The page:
The Gift of Walking
Having been an athlete for most of my life, my physically activity typically consisted of full speed, high intensity, and competition. Anything less just didn’t seem like it was doing anything beneficial for me. Walking was definitely not something that I would have considered “exercise”.
Over the last couple of years, my pace has slowed down, both physically and mentally. I don’t know if this is connected to getting older or if it is simply a response to having made some choices in my life that have granted me the time to take things in life at a more casual speed. But what I do know is that I have come to appreciate walking as an activity that provides me with exercise in all of the health areas; physical, mental, emotional, and spiritual.
Walking is so amazing to me because it really seems to be the perfect exercise. It is inexpensive. It requires no specific equipment. A person is able to do it wherever they are and at any time of day. It does not require another participant. It is environmentally friendly. It is an activity that can be done at basically any age and is accessible to almost all people, regardless of physical limitation or socio-economic status.
To walk is to feel completely free. There is no time or distance limit imposed. There is no “out-of-bounds”. There are no referees or judges monitoring our actions while we walk. A little bit of skipping can be added without penalty. Time to sit at a park bench to listen to the sounds of nature does not disqualify a person from continuing on.
A person can choose to walk in basically one of four styles (there are likely more).
- Walking for fitness
- Walking to socialize
- Walking as a mental, spiritual, or emotional exercise
- Walking to see things
Sometimes, it’s very helpful to identify your intention for a walk before venturing out. There were times in the past when my partner and I would go out for walks and within twenty minutes, found that neither one of us were enjoying our time together and had reached a state of frustration. After some discussion, we discovered that we were seeking something different from the experience of the walk. I was often walking for fitness which conflicted with my partner’s intention to simply slow down from the high pace of her day. My problem solving walks, which required lots of interaction and conversation, didn’t allow my partner the opportunity to meet her need for connecting with nature after being in an office all day.
Now that we have become aware of the different “styles of walking”, we can actually identify our intention and personal need before the walk and are much better able to accommodate each other while still focusing on our own needs.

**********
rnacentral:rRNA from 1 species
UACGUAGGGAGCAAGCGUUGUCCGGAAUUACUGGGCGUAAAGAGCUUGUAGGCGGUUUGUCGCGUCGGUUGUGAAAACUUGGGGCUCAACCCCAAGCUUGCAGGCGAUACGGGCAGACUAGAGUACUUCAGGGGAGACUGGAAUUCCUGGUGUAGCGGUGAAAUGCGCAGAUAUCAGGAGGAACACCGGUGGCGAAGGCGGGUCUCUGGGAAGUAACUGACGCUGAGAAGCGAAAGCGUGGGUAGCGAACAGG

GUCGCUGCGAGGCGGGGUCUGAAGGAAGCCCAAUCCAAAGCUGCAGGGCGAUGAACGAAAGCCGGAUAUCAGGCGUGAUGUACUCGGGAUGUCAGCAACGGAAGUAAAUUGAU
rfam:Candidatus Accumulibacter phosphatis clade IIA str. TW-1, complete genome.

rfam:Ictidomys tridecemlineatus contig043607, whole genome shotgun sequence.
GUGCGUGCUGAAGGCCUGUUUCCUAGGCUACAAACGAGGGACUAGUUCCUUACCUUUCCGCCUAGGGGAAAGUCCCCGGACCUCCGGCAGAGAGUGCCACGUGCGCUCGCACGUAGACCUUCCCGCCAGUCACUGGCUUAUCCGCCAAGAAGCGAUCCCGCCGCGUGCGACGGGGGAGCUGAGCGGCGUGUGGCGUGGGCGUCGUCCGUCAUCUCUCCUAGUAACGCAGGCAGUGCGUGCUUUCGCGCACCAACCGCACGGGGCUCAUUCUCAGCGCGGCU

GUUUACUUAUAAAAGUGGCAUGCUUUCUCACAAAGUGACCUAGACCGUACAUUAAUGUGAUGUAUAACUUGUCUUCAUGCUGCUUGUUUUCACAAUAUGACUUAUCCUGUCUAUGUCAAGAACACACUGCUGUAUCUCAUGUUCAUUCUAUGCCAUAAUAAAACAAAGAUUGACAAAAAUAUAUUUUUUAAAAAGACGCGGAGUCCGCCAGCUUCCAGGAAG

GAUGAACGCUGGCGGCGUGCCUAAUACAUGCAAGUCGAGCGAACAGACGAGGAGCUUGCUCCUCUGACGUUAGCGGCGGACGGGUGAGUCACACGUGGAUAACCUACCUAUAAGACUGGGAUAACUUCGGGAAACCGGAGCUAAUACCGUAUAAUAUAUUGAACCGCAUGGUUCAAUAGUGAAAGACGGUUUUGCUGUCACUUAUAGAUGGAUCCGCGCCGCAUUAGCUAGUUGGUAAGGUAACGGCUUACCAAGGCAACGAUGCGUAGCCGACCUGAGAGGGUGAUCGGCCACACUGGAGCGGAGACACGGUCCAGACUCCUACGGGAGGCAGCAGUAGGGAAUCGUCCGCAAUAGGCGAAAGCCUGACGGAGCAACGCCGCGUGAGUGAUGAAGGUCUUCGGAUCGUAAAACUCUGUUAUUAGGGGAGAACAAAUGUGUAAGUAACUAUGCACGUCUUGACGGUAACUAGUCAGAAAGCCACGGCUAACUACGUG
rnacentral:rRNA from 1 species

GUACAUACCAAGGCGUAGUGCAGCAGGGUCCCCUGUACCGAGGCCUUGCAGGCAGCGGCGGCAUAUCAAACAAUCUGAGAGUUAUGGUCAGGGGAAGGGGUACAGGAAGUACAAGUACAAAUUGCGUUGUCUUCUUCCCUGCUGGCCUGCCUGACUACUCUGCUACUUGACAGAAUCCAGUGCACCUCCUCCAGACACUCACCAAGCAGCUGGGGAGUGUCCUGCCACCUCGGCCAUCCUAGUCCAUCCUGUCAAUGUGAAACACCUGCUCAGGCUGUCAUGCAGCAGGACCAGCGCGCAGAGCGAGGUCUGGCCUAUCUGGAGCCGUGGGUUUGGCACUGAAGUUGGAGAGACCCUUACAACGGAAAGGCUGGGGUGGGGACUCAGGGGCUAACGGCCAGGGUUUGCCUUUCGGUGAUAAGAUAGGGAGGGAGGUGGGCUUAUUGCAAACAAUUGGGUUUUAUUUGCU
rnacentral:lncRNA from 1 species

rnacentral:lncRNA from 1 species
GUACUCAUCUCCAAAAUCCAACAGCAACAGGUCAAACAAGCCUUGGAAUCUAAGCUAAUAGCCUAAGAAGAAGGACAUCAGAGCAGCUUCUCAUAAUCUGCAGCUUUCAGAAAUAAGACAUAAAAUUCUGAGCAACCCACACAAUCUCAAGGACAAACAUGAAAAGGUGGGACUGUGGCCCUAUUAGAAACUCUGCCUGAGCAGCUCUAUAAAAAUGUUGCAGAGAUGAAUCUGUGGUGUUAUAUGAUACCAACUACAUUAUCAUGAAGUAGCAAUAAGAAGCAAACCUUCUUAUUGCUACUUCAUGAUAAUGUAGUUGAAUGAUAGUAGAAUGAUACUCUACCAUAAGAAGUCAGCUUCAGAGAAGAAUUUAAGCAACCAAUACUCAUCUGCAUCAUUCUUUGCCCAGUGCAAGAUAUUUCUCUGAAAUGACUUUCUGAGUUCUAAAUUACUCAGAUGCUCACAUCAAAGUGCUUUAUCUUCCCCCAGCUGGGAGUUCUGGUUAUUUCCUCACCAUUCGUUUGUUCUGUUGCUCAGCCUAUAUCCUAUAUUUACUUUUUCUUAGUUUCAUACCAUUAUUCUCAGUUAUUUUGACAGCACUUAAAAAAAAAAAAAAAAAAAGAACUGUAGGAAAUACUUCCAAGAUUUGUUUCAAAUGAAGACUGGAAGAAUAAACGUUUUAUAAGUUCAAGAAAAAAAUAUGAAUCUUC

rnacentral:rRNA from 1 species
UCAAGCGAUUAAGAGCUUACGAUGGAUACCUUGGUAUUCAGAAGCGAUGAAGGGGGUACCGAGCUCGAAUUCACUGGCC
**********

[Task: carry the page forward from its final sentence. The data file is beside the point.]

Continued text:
It’s a great experiment to decide upon your “walk intention” before you tie up the laces. I would like to suggest that for your next four walks, do one walk in each of the four styles.
- Do one walk to get your body moving; you should notice an increase in your breathing and your heart rate and may even sweat a little.
- Do one walk with someone else and the main intention is to socialize; the pace at which you walk is not relevant.
- Do one walk to see things; pay attention to your environment and while you’re taking things in through your eyes, use your nose and your ears as well (this probably requires you to not socialize at all during this walk and slow down your pace even more).
- Do one walk to solve a problem. Identify the problem you want to focus on before you start the walk, and then just start walking. Allow thoughts and ideas about the problem to come to you while you walk. You will probably need to take a walk of at least 30 minutes and trust that some helpful ideas will come to you naturally. For many people, walking takes us to a meditative state that allows us to tap into another level of thinking that we may otherwise not have access to.
After each walk, do a quick reflection of how well you met your intention and identify anything else you experienced during the walk. This will help you to really explore how you personally benefit from walking.
Walking is a very personal experience. Until you fully commit to walking and explore your own physical, emotional, mental, and spiritual pace, the benefits of walking will not reveal themselves to you. Once you find your rhythm, notice the sights, smells, sounds and touches of the outdoors, and experience a healthy shift in your being as a result of walking, it will be then that you have received the gift of walking.
I am committed to walking for myself on a daily basis and I am also committed to providing walking experiences in the services that I provide through Explore Life Coaching. The Play Passport includes regular walking opportunities because I so believe in the benefits of walking and each walk is intentional. On some walks, I ask participants to walk silently and look for things in nature that inspire them. I have also done walks downtown and participants have been amazed by what they noticed simply because they were directed to look for new things. These walks are also a great opportunity to socialize with the other play passport participants. The Explore Nature, Discover Spirit Retreats also include walking/hiking. I am happy to conduct any one-on-one life coaching sessions as a “walk and talk”.
For more information about the benefits of walking and Explore Life Coaching, please get in touch [email protected]
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